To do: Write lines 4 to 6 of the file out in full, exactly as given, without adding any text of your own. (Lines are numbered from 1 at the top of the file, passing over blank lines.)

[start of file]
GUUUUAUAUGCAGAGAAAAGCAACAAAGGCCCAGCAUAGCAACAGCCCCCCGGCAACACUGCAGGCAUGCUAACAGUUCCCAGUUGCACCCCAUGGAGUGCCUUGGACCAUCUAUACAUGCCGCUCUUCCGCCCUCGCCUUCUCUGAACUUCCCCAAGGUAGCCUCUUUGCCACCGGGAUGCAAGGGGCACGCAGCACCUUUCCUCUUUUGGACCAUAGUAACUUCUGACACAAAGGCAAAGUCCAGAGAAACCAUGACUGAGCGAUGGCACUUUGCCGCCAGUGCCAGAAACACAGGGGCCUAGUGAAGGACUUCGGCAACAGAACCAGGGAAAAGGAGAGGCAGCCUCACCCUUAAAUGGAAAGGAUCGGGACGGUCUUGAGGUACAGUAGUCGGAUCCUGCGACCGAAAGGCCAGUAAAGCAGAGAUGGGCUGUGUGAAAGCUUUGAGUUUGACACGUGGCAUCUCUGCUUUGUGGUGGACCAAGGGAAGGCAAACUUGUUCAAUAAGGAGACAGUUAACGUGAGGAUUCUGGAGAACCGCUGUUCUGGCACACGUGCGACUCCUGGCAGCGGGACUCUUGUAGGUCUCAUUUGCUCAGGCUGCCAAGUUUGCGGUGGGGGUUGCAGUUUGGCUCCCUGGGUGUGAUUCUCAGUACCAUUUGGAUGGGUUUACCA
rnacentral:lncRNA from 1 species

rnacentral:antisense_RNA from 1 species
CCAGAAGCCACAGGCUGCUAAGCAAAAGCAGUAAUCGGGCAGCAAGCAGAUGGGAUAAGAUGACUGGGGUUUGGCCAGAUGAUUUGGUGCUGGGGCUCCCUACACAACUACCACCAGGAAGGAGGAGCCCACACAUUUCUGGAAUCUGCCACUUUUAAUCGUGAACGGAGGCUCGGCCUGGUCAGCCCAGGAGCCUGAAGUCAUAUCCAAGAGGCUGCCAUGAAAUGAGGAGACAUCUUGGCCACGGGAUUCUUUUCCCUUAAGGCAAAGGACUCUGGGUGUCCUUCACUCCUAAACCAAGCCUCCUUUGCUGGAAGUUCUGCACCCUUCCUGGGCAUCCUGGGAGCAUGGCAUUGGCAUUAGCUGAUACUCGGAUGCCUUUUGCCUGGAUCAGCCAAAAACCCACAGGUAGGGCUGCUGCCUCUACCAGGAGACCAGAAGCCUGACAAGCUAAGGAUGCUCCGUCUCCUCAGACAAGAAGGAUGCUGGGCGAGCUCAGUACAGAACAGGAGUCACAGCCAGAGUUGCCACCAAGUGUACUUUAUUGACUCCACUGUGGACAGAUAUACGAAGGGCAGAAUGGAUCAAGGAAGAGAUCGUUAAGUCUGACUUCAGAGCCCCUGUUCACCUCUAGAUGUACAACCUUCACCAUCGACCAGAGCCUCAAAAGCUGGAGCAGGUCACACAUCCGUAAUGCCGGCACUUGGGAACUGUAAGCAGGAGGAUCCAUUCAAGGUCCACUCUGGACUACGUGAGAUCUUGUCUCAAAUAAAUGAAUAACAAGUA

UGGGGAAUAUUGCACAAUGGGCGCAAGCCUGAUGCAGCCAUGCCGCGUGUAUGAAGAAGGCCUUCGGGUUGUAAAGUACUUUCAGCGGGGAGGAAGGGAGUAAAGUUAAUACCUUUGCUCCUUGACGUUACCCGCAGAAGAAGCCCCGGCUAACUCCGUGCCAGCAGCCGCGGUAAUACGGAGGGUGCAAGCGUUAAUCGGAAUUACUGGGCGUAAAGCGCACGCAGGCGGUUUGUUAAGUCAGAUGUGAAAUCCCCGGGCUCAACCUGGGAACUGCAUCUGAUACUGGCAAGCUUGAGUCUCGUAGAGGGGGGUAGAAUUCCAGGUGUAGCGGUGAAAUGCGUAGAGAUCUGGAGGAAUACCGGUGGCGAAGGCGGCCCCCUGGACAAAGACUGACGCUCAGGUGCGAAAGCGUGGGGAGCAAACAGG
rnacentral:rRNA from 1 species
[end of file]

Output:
CCAGAAGCCACAGGCUGCUAAGCAAAAGCAGUAAUCGGGCAGCAAGCAGAUGGGAUAAGAUGACUGGGGUUUGGCCAGAUGAUUUGGUGCUGGGGCUCCCUACACAACUACCACCAGGAAGGAGGAGCCCACACAUUUCUGGAAUCUGCCACUUUUAAUCGUGAACGGAGGCUCGGCCUGGUCAGCCCAGGAGCCUGAAGUCAUAUCCAAGAGGCUGCCAUGAAAUGAGGAGACAUCUUGGCCACGGGAUUCUUUUCCCUUAAGGCAAAGGACUCUGGGUGUCCUUCACUCCUAAACCAAGCCUCCUUUGCUGGAAGUUCUGCACCCUUCCUGGGCAUCCUGGGAGCAUGGCAUUGGCAUUAGCUGAUACUCGGAUGCCUUUUGCCUGGAUCAGCCAAAAACCCACAGGUAGGGCUGCUGCCUCUACCAGGAGACCAGAAGCCUGACAAGCUAAGGAUGCUCCGUCUCCUCAGACAAGAAGGAUGCUGGGCGAGCUCAGUACAGAACAGGAGUCACAGCCAGAGUUGCCACCAAGUGUACUUUAUUGACUCCACUGUGGACAGAUAUACGAAGGGCAGAAUGGAUCAAGGAAGAGAUCGUUAAGUCUGACUUCAGAGCCCCUGUUCACCUCUAGAUGUACAACCUUCACCAUCGACCAGAGCCUCAAAAGCUGGAGCAGGUCACACAUCCGUAAUGCCGGCACUUGGGAACUGUAAGCAGGAGGAUCCAUUCAAGGUCCACUCUGGACUACGUGAGAUCUUGUCUCAAAUAAAUGAAUAACAAGUA

UGGGGAAUAUUGCACAAUGGGCGCAAGCCUGAUGCAGCCAUGCCGCGUGUAUGAAGAAGGCCUUCGGGUUGUAAAGUACUUUCAGCGGGGAGGAAGGGAGUAAAGUUAAUACCUUUGCUCCUUGACGUUACCCGCAGAAGAAGCCCCGGCUAACUCCGUGCCAGCAGCCGCGGUAAUACGGAGGGUGCAAGCGUUAAUCGGAAUUACUGGGCGUAAAGCGCACGCAGGCGGUUUGUUAAGUCAGAUGUGAAAUCCCCGGGCUCAACCUGGGAACUGCAUCUGAUACUGGCAAGCUUGAGUCUCGUAGAGGGGGGUAGAAUUCCAGGUGUAGCGGUGAAAUGCGUAGAGAUCUGGAGGAAUACCGGUGGCGAAGGCGGCCCCCUGGACAAAGACUGACGCUCAGGUGCGAAAGCGUGGGGAGCAAACAGG
rnacentral:rRNA from 1 species